Anyone can be "the family chef". You just need good recipes and techniques! Chef Amy Fothergill shares her best recipes with you for quick and easy dishes with an emphasis on gluten-free.

Get information here about her cookbook, The Warm Kitchen: Gluten-Free Recipes Anyone Can Make and Everyone Will Love.

Tuesday, November 15, 2011

Gluten-free gravy

If you think making homemade gravy is harder than the SAT's, think again. Instead of using a gluten-based roux (butter and flour), start using slurries. A slurry is a combination of a starch and cold water (equal parts) which are mixed into a hot liquid like chicken or turkey broth. The ratio that I use which seems to work well is:

1 Tablespoon Cornstarch to 1 Tablespoon Cold Water to 1 cup of liquid

If you can't tolerate corn, try arrowroot, tapioca or potato starch. Make sure the gravy is seasoned well with herbs, spices and...salt (again, assuming you can tolerate). To give it the creaminess and texture you might miss with a regular gravy, add 1 Tablespoon of unsalted butter at the end. You can also try cream or a plain unsweetened milk, like coconut (it has a thicker texture than rice).

Happy Turkey Day!

Gluten-free Gravy for Turkey
Serves 8

1 1/2 cups chicken broth
1/2 cup (or more) drippings from the turkey (I sometimes add hot water to the bottom of the pan to make my own "broth")
Note: If you don't have any drippings, use 2 cups total of chicken broth

Slurry: 2 Tablespoons cornstarch + 2 Tablespoons cold water

1/2-1 teaspoon sea or Kosher salt
1/4 teaspoon ground pepper
1 teaspoon fresh, chopped or 1/2 teaspoon dried sage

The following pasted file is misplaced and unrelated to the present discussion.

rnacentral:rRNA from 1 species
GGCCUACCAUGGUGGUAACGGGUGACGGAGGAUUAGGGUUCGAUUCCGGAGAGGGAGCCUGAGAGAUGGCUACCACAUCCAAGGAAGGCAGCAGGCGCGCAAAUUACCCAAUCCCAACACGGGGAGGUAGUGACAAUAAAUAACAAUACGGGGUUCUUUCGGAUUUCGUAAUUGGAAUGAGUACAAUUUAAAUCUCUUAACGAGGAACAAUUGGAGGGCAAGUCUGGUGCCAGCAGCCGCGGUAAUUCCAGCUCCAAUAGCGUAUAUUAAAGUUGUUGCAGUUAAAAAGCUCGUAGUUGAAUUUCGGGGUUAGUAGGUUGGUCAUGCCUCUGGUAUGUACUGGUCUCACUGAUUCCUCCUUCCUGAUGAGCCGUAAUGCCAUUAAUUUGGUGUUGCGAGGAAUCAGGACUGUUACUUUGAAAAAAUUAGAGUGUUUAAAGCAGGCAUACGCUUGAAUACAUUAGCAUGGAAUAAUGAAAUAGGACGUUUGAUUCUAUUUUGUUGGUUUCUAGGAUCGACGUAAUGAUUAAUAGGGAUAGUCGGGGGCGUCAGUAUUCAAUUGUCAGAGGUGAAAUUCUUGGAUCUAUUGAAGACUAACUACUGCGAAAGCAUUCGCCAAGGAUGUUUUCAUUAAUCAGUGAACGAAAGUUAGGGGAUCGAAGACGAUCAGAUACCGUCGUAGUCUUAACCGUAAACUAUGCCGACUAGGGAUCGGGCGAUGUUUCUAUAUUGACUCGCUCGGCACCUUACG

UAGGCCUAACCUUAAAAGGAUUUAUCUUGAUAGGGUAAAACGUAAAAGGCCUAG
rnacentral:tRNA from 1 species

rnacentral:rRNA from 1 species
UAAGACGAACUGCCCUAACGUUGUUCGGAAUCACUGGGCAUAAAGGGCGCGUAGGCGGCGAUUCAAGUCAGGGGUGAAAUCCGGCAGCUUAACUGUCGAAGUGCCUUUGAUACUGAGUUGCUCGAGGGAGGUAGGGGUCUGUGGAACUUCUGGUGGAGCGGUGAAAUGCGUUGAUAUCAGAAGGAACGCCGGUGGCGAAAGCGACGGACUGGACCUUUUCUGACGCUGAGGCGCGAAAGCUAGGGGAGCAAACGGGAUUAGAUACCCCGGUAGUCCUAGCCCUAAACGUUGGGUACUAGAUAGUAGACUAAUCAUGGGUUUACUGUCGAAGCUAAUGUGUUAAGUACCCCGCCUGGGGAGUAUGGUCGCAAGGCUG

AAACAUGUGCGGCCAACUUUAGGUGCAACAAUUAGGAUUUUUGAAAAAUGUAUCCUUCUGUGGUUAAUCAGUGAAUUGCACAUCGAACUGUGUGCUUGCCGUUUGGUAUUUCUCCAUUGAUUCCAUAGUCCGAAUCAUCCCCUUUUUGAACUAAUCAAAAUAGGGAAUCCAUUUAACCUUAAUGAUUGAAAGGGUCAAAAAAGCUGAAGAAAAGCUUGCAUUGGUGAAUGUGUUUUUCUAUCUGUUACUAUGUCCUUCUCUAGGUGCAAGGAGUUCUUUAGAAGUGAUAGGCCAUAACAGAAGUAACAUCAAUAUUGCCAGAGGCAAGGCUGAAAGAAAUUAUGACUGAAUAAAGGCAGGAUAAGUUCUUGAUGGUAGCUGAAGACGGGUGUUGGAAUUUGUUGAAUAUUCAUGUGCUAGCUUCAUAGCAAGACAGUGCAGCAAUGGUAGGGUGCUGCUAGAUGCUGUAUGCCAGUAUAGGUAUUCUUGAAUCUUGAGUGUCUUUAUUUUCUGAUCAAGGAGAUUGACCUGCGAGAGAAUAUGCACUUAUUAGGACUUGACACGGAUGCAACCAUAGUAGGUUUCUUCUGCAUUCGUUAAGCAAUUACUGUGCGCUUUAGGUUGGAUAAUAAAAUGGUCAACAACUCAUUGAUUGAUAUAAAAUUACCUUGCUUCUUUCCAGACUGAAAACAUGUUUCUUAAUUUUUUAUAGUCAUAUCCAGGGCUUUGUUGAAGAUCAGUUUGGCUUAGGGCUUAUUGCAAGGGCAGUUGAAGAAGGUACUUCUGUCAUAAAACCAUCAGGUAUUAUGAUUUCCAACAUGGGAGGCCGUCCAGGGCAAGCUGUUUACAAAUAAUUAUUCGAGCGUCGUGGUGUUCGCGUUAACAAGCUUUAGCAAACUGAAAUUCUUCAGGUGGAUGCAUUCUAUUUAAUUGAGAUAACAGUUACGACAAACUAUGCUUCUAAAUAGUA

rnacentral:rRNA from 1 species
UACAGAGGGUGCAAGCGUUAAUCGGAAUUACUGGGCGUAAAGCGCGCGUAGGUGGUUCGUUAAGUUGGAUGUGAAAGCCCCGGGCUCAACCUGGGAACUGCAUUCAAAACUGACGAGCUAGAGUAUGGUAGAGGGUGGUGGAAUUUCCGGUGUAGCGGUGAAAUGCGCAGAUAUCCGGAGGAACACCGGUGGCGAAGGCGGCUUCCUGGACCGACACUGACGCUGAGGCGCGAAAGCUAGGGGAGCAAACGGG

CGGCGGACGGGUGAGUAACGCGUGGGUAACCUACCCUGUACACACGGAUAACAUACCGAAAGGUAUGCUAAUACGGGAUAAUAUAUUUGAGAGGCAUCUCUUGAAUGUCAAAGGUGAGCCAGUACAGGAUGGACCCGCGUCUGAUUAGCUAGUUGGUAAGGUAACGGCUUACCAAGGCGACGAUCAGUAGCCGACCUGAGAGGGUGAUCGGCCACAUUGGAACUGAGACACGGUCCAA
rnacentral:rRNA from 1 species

Optional: 1 Tablesoon unsalted butter

1. Heat broth in a small to medium sized pot.
2. Meanwhile, make the slurry in a small bowl. Mix until smooth and the slurry looks like whole milk (see photo above). Make sure to mix the slurry right before adding it to the broth.
3. Once broth is simmering, whisk in slurry and season with salt and pepper.
4. Cook 4-6 minutes or until thickened. If the sauce is not thick enough, add more slurry if necessary.
5. Make sure the sauce does not have a starchy texture. The way to tell is to taste it. If there is a gritty texture, the sauce needs to cook more.
6. Add sage at the end. Optionally add 1 tablespoon of butter to make the sauce more creamy and similar to a roux-thickened sauce. Taste and adjust seasonings. If it tastes "flat", add more salt, 1/8 teaspoon at a time.

For variations, add the following ingredients to the sauce when the broth is added. You may need to add more slurry to achieve the proper thickness.

• Lemon and Garlic: Add 1 teaspoon lemon juice and 1 minced garlic clove to a chicken or vegetable based broth.
• Wine and Herb: Add 2 tablespoons of dry white wine and 1 teaspoon of dried herbs to the broth.
• Mustard: Whisk in 1-2 teaspoons dijon or grainy mustard into the sauce as it thickens.
• Creamy: Add 1 Tablespoon cream to any of the above sauces.


Jana Brown said...

I love the variations on this recipe. You posted some flavor combinations which I hadn't thought of...not that I'm going to be able to fight the gravy making duties away from my husband, but maybe I can make some suggestions. :)

A product I use at home (disclaimer it's now part of our family business, but it really is so cool I have to talk about it...) is Ultra Gel, which is an instant corn starch. It's gluten free and just whisks into the drippings, water and spices, thickening immediately. The thing I love the most though is that it won't separate in the fridge over night so I can have leftover turkey and gravy sandwiches!

We also like adding bits of the gibblets or other small meats back to the gravy to provide texture and additional richness to the mix.


The Family Chef said...

Hi Jana,
Thanks for the comment. I'd love to try it if you can send a sample my way.


Anonymous said...

I've made it pretty much the same way. Instead of chicken broth, I like to use a bit of the water from each of the vegetables that I have cooked for the meal. It's usually lower in sodium and contains vitamins from the vegetables.